One of the longest-serving editors in the recent history of the local press is to retire this month after 36 years at the helm of one paper.
Jeremy Plews was among the youngest editors in the country when he first took charge of the Mansfield Chronicle Advertiser – “Chad” – at the age of 28.
Now he is finally bowing out after what is believed to be one of the longest editorships of a single regional press title since the Second World War.
Originally appointed during the proprietorship of W.J. Linney and Co, he stayed on after the paper was taken over by Johnston Press in the mid-90s to become one of the industry’s great survivors.
Said Jeremy: “It’s been a great career. I wouldn’t – probably couldn’t – have done anything else.
“The biggest challenge has been trying to cope with constant change – and not always succeeding very well.
“When I started newspapers were all about hot metal, armies of production staff in smocks, ‘sit-up-and-beg’ typewriters for reporters, a five-and-a half-day week, and hours spent ‘working’ in the pub after deadline.
“Any thoughts back in 1965 that one day all of us would be using the kind of technology we now take for granted would have sent the Samaritans’ switchboard into meltdown. That’s not to mention the arrival of the digital revolution!”
Jeremy’s long stint as Chad editor has seen dramatic changes in Mansfield with the demise of the coal industry on which the Nottinghamshire town once depended.
Under his editorship the paper successfully campaigned for the restoration of the town’s rail link – enabling Mansfield to shed its unwanted tag as the largest town in Britain without a railway station.
‘It’s impossible for me to pick out one story as the highlight. But there’s no doubt about the biggest news event. It was the year-long miners’ strike 25 years ago,” he told HoldtheFrontPage.
“It divided the Nottinghamshire coalfield down the middle and presented us with the onerous responsibility of reporting on the bitter divisions between members of the NUM and the UDM week after week, whilst trying to remain impartial. I like to feel we almost succeeded.”
Jeremy lists his “biggest single achievement” as turning a 27,000 free distribution edition of Chad into a paid-for in the 1990s and achieving a sale of more than 14,000 copies in a matter of weeks.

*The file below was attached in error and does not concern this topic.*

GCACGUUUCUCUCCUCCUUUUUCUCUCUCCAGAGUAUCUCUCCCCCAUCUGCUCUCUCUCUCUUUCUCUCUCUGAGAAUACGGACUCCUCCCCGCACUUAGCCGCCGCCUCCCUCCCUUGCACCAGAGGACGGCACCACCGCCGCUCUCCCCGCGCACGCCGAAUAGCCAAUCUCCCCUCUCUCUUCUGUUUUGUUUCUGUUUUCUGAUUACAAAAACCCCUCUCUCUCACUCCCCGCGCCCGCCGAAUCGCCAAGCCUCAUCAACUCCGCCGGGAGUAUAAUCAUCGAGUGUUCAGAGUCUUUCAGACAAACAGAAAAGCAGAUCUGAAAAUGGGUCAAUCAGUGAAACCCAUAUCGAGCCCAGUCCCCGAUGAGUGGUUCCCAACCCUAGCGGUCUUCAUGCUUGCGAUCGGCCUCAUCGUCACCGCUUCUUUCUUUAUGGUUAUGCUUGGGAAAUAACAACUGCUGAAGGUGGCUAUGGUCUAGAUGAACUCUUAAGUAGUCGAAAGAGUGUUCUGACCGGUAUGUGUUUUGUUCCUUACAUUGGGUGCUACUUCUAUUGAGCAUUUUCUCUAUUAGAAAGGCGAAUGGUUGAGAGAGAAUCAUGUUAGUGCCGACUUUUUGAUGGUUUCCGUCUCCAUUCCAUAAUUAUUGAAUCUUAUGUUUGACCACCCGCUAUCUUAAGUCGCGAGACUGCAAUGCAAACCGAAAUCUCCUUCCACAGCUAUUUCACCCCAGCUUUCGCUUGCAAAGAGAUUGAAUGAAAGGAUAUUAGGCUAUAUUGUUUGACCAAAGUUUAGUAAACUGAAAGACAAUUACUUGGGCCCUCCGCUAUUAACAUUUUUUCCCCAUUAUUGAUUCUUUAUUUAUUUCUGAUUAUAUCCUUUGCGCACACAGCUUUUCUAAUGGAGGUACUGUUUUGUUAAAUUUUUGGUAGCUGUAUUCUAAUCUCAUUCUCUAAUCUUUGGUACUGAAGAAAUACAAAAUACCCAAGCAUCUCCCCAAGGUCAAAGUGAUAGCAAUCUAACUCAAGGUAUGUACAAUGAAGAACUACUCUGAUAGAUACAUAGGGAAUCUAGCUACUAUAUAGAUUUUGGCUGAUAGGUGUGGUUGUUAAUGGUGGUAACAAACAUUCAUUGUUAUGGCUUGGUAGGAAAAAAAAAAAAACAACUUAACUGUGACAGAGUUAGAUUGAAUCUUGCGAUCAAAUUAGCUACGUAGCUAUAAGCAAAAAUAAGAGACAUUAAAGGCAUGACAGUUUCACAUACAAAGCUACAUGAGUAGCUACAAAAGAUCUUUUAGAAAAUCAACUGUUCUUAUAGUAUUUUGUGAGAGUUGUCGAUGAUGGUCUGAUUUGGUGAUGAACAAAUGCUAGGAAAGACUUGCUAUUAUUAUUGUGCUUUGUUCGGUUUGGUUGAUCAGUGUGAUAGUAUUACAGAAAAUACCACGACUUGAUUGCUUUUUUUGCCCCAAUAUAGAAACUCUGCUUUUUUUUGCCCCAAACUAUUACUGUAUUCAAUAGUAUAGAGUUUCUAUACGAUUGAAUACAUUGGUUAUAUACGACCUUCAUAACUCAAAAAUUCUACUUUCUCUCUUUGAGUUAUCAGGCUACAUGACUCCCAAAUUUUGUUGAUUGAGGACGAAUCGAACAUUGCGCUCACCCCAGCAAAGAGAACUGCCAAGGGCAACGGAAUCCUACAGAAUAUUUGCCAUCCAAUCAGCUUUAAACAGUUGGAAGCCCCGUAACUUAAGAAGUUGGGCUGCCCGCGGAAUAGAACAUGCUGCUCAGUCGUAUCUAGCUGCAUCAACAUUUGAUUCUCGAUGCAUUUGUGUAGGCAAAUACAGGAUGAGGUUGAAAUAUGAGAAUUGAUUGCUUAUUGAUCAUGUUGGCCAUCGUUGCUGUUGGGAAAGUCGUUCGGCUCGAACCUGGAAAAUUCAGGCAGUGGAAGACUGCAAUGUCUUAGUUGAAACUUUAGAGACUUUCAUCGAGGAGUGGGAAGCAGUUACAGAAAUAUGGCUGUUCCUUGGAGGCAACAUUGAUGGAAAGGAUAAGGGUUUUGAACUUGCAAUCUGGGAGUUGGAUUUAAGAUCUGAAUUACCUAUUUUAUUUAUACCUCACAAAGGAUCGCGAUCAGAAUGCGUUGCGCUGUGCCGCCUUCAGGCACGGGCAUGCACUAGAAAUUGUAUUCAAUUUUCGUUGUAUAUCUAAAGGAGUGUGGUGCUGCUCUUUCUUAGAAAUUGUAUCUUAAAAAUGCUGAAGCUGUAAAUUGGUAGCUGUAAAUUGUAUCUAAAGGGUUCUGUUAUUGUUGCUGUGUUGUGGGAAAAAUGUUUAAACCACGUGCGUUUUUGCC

He served on the NCTJ Training Committee and, under his leadership, the Chad developed an industry-wide reputation as one of the best “training papers” in the country.
Said Jeremy: “It may sound cheesey, but there is no question about the best aspect of the job over the years – being able to give a first break to so many youngsters, and the satisfaction gained from seeing many of them go on to success elsewhere.”
Mother-of-two Tracy, 41, joined the Guardian in July 1988 as a trainee reporter and worked her way through the ranks before becoming deputy editor in 2001.
“I am excited and delighted at this new challenge,” said Tracy, who takes over at the Chad on Monday, 16 February.
Her current editor George Robinson – another Chad alumnus – said: “I am very sad to be losing Tracy – it’s like having my right arm cut off!”
Colston Crawford (04/02/2009 09:53:53)
“believed to be one of the… since the second world war.” Bets well and truly hedged! He’s certain to be among them, no?
Jim Brennan (04/02/2009 13:09:19)
Congratulations to Jeremy. This takes me back to CHAD history and the days of pre-NCTJ training. During my 10 years at the Nottingham EP I became involved with plans for extending the NUJ-Editors’ Guild occasional day-release and weekend courses. Inspired by Charles Forrest, ed of Derby ET, an East Mids Cttee was set up. The late great David Greenslade, ed-in-chief at CHAD, became chairman, and yours truly secretary-dogsbody (usually taking the shorthand notes). I recall David taking me to a London meeting in his Jaguar: it was the first time in my life (in my forties) that I travelled on land at 90mph. His sadly early death was a blow to the cttee, but fortunately CHAD remained involved, and it is to Jeremy’s great credit that he has kept the faith for so many years.
Hackette (05/02/2009 09:56:12)
Well done for lasting so long.
Let’s hope he is not the last of the truly local editors living on the patch and knowing what he is talking about and fighting for the paper. Instead of some remote toadie sucking up to higher management that is becoming a much more common species across the industry.
Jon Clements (05/02/2009 10:14:22)
He certainly gave me my start in newspapers and a lot of freedom as a roving reporter when Chad set up a new district edition to compete with the Newark Advertiser in its rather snobby heartland, where the Chad was seen as bit, well, rough. It was a great paper for the trainee reporter: serving a small town with a lot of hard news and a great sense of camaraderie in the newsroom. Happy retirement Jeremy!
Wayne Swiffin (05/02/2009 20:47:13)
Good Luck Jeremy. I can remember my first visit to Mansfield in 1995 for my interview at the Chad. It was a great training ground and a superb place to work – many of the skills I learned there I still use today. I also had the pleasure to work alongside Tracy at the Worksop Guardian for a brief time so good luck to you too Tracy.